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Dad's Department

by Sam Harper

Last Saturday morning I was about to tap in a birdie putt on the 18th green at the Dreamland Country Club, a luxury afforded by the miracle that my kids were also sleeping in, when a series of R.E.M. piercing screams jangled my back-swing. I bolted awake, jumped out of bed, and raced down the hall toward the hubbub.

I found my wife standing on a chair in the kitchen, hyperventilating. Between palpitations she explained that she was flipping pancakes when she heard little paw-steps ticking against linoleum behind her. She turned around. Waddling toward her, following the pancake-scent, was an opossum the size of a cocker spaniel. That's when she screamed. The opossum skritched furiously into the living room and squeezed under a couch. "Please get that thing out of this house," she said with an it's-so-icky-I-can't-say-its-name shiver.

Let me point out here that I respect my wife. Deeply. I love her. Deeply. She represents her gender with intelligence, strength, grace and humor. She's a firm, responsible, loving mother and a communicative, thoughtful and giving wife. She can sink back-to-back free throws, carve turns on a snowboard, and where I would simply throw the phone against the wall, she demands to speak to a supervisor. In short, she meets challenges, doesn't shrink from them.

So when I saw her standing on the chair, I blinked. It was an odd sight, anachronistic, like a scene from a `60s sitcom; Harriet sees a mouse, squeals, leaps on a chair and is stuck there until Ozzie returns home, summons his faded Boy Scout skills and comically vanquishes the creature.

At the risk of sounding like a chauvinist swine who's making gross generalizations based on sexual stereotypes, I'd like to make some gross generalizations based on sexual stereotypes and suggest that for all the glorious progress men and women have made in achieving parity in the home and workplace, there are still a few domestic chores that are categorized according to gender.

You know what I'm talking about. There's "Dad's Department" and there's "Mom's Department." These departments are era-resistant, defined not by the times, but by an obscure and ageless code of suburban domestic duty that's been handed down from generation to generation. While Mom's Department includes every chore that involves fabric, tableaux, and wainscoting, Dad's Department includes the following:

Rodents of Unusual Size
When was the last time your wife said, "Gee, honey, you made the dinner and put the kids to bed last night, why don't I kill that pesky rat today." Ridding the house of rodents, particularly rodents the size of dogs, has always been and always will be Dad's department.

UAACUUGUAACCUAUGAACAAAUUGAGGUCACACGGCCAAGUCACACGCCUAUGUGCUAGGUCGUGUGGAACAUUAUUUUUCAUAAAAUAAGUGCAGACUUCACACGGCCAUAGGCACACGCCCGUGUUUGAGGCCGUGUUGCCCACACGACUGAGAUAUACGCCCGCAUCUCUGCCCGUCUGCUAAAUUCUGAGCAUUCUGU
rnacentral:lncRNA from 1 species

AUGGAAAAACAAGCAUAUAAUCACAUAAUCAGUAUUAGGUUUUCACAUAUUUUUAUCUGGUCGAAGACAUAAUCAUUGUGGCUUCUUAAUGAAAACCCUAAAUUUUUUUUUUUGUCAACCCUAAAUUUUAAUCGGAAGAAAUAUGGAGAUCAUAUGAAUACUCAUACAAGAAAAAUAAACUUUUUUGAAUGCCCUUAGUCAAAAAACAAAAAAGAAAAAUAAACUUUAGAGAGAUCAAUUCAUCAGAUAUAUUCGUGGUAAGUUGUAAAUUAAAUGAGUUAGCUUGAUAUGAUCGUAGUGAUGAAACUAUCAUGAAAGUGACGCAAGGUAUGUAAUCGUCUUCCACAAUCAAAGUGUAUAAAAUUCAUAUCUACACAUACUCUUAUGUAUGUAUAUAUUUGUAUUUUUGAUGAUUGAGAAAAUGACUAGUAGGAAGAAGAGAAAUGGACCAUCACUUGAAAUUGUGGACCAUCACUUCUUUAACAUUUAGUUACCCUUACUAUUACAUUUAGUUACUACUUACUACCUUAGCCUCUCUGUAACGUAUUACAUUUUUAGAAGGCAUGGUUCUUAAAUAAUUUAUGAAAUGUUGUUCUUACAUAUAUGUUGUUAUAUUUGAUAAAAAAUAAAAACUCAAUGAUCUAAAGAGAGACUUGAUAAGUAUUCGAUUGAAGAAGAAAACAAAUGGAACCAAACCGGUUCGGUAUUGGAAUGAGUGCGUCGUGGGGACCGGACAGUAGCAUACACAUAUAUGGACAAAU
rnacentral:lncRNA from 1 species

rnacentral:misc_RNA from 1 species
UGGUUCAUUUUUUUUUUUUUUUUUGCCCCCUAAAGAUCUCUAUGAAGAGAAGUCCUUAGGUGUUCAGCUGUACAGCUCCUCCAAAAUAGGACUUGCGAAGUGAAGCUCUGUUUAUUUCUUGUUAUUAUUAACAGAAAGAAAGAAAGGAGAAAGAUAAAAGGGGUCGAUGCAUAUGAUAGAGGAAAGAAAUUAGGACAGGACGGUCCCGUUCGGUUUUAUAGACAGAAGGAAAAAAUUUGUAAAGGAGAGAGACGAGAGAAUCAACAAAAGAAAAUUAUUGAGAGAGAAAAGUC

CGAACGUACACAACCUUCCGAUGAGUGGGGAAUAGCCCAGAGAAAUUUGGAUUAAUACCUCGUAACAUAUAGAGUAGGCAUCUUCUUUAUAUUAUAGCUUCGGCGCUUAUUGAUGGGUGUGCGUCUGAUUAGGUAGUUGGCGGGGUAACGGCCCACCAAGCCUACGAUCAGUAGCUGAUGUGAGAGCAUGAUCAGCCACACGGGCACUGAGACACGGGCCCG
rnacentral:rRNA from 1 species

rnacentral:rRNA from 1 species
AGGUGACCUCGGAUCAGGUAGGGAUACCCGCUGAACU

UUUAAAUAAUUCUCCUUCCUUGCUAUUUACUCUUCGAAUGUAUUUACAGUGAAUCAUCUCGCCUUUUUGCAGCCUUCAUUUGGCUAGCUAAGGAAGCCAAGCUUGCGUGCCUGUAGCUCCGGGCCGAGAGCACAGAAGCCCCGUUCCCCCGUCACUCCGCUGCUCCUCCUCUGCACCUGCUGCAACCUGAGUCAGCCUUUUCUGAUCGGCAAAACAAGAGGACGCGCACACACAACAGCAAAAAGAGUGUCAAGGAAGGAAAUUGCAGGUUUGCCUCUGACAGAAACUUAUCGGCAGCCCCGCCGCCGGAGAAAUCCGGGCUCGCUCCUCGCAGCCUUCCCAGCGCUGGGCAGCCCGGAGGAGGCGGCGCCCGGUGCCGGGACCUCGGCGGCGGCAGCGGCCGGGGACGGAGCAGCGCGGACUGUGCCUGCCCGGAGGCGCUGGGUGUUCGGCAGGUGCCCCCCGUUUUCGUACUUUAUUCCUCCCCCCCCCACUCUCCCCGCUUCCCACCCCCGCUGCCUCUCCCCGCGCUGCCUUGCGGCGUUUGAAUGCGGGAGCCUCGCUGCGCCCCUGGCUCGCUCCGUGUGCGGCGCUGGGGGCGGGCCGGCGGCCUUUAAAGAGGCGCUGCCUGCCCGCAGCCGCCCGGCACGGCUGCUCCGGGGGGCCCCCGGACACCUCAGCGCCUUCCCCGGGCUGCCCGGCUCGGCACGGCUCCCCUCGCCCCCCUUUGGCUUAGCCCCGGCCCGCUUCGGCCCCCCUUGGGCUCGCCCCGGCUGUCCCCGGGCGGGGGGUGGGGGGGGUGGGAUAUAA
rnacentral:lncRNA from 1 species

Noise Patrol
Was that noise a squirrel raiding the bird feeder or a half dozen crack-crazed, AK-47 toting teenagers ransacking your living room? It doesn't matter. As Dad, you must defend the home, even if you don't have a nasty weapon in your bedside table. So grab your shoehorn and go kick some butt.


Zap, Gurgle, Boom!
All problems relating to utilities--electricity, plumbing and gas (also see "Funky Smells")--are handled out of Dad's department. If you're one of those guys who doesn't know how to operate a hammer, just pretend you know what you're doing. You're good at that.


Sharp Things That Move
Jobs that include hedge clippers, lawn mowers, roto-tillers, Bush Hogs or any tool that has a whirring blade are generally Dad's department. However, as Lorena Bobbitt illustrated, there are exceptions.


Funky Smells
Gas vapors, septic tank miasma, crawlspace musk, or plain old death in the basement, it's Dad's job to pull that turtleneck collar over his nose find the source of the offending odor, unless he can convince the dog to do it.

So basically you could say that if the job includes the possibility of bodily injury, it's Dad's department.

And there's nothing wrong with that, as far as I'm concerned. I like the idea of being the hero. My wife, after all, is permanently, irrevocably a hero for having given birth to our children. And if wrestling with an 80-pound rodent will help me achieve parity in the hero department, let's rumble!

So I pulled out my shoehorn and stealthily approached the living room couch. I lifted the fabric thing that hangs off the bottom of a couch (Ask your wife what it's called, that's her department.) and looked under. Ooo. It was a big ol' possum. Long snout. Saliva dripping off its sharp teeth.

Did I mention that calling a professional exterminator is a chore that Dad can enjoy, too?



Copyright © 1999 Sam Harper
All rights reserved.



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by John Gill


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